But insists these remain within the insurer’s risk tolerance
Zurich has estimated its property and casualty claims related to the Covid-19 crisis will total $750m over the course of 2020, of which $280m has been recognised in the first quarter.
The insurer said this remains within the group’s risk tolerance, but that “the continuing nature of the event means that this is subject to significant uncertainty”.
In response to the crisis, the insurer is providing additional financial relief to customers through premium rebates, payment holidays and extensions of coverage, and said it is simplifying customer interactions by creating or expanding options to report claims by video, sign documents electronically or request remote risk assessments.
The group is also supporting commercial customers by sharing knowledge of how to manage risk and to protect employees. The Farmers Exchanges, which are owned by their policyholders, have announced around $300m of premium rebates to their small business and personal auto customers.
Group chief executive officer Mario Greco said the digitalization of the business has also helped the insurer in its response to the coronavirus crisis.
“Throughout this crisis our priority has been to support our customers and local communities, while ensuring the safety and wellbeing of our colleagues,” he said. “We acted in a socially responsible way by closing our offices early to work remotely, keeping our business fully operational. In this environment, our investments in the digitalization of our business are paying off.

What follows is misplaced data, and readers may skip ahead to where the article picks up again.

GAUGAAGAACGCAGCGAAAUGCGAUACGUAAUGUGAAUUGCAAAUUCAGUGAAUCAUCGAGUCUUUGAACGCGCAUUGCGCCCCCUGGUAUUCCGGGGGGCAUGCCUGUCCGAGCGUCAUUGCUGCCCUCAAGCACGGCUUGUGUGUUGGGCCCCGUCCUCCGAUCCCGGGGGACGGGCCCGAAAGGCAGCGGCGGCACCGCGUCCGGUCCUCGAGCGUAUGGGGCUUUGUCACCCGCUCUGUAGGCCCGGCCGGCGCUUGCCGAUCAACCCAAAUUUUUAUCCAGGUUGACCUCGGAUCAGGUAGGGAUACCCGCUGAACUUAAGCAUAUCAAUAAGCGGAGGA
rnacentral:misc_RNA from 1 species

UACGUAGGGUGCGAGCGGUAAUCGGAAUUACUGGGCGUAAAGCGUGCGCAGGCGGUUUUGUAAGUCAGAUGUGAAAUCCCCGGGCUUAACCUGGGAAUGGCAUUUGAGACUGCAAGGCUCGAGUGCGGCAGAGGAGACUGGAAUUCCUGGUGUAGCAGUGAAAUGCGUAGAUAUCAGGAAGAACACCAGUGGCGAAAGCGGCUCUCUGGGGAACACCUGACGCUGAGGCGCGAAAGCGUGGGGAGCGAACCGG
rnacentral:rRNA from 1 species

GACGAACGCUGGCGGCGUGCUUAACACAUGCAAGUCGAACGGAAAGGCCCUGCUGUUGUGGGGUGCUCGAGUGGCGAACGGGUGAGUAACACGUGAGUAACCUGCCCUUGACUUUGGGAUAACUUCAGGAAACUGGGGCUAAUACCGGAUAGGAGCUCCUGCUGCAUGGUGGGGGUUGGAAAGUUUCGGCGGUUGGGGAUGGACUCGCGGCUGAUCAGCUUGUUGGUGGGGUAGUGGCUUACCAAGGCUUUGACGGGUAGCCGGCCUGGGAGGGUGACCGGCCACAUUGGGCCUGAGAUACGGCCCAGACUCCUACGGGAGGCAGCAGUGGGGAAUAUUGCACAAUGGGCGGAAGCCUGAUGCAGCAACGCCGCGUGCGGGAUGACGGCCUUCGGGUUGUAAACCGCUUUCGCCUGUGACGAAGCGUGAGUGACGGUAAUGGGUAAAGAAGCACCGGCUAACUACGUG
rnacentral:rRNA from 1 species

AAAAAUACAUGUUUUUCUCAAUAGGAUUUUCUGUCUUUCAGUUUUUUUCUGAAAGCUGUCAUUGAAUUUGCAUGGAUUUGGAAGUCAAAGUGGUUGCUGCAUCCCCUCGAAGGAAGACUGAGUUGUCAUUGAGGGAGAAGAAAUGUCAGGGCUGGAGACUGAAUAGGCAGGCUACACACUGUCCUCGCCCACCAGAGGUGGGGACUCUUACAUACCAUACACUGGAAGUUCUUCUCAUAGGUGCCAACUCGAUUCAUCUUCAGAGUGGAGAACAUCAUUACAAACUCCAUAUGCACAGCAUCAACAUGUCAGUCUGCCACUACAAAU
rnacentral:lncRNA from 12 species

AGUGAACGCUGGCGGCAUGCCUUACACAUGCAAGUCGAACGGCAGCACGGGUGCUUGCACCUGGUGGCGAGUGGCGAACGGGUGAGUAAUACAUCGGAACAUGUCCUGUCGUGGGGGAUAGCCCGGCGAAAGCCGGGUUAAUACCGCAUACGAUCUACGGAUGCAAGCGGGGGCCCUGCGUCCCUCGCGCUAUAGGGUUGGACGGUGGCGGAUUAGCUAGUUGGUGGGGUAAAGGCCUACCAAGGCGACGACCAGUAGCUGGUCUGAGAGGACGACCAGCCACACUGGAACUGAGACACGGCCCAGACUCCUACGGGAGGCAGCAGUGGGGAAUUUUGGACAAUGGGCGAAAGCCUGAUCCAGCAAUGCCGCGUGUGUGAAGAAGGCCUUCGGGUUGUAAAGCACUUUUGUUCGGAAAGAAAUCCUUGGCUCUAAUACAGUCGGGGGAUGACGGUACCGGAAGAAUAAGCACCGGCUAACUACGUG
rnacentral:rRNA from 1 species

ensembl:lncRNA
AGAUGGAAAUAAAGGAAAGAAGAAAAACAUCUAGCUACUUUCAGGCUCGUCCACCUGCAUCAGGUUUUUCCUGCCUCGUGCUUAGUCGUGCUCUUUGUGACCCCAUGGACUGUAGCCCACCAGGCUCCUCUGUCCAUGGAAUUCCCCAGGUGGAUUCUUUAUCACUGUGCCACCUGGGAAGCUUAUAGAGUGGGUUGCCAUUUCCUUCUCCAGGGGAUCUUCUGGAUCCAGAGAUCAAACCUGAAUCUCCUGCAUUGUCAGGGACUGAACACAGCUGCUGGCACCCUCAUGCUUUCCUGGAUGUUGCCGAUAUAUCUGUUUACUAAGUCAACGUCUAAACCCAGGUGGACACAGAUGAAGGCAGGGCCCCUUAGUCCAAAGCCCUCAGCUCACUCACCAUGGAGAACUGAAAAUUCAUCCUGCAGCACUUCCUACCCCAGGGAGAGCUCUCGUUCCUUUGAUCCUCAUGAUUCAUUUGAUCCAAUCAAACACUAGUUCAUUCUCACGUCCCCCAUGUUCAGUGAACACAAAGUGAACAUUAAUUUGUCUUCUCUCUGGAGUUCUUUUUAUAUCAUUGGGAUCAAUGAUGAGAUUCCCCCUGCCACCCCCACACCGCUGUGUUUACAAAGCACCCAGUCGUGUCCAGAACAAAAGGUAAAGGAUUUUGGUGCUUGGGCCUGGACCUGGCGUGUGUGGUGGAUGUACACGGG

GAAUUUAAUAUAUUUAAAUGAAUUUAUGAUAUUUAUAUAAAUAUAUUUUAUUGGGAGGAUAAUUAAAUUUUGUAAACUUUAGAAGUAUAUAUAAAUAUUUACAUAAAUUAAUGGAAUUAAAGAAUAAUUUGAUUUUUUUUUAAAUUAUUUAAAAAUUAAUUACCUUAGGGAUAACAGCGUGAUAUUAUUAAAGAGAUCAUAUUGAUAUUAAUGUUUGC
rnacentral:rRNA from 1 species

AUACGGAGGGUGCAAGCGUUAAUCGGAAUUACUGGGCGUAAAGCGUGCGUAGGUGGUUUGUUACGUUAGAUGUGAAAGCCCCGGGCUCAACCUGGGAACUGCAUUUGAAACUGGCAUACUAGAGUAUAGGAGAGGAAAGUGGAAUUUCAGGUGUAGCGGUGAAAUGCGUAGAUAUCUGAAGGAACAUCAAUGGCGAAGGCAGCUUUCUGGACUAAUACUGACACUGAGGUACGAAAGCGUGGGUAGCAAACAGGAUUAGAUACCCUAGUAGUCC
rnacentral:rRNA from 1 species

“We have responded to the heightened need for remote and flexible services by creating or expanding our digital offering for individual and business customers alike. We expect the crisis to strengthen demand for digital interactions and better tailored services and are committed to the expansion of our digital offering as this trend gathers pace. Our flexible and resilient business model positions the Group well to quickly adapt to changing situations and requirements to deliver continued success.”
Gross written premiums (GWP) in the group’s property and casualty business grew to $9.7bn for the first three months of 2020, an increase of 7% on the same period in the previous year once adjusted for currency fluctuations, acquisitions and disposals.
The biggest increase in GWP was experienced in Europe, the Middle East and Africa, where premiums grew by 8% to $5.3bn, making it the largest region for the insurer.
Globally, this growth was supported by increasing premiums, with the insurer’s North American business experiencing overall rate increases of 12% in the first quarter, compared to 10% in the fourth quarter of 2019 and 7% for the full year 2019.
The insurer also said that a series of European winter storms, together with a number of climatic events in North America, contributed to a relatively elevated level of natural catastrophe and weather- related claims compared to historical first-quarter levels.
But group chief financial officer George Quinn said this still represented a strong start to the year for the insurer.
“The Group reported a solid start to the year with P&C growth and pricing remaining favorable, a steady performance from Farmers, while life performed well against a very strong first quarter in 2019,” he said.
“The impact of claims related to the COVID-19 outbreak and the sharp falls in financial markets in the latter part of the first quarter are expected to remain a 2020 earnings event. Group solvency remains strong and together with the diversity of our business and our conservative balance sheet, I am confident that the Group is well placed to manage the current challenges.”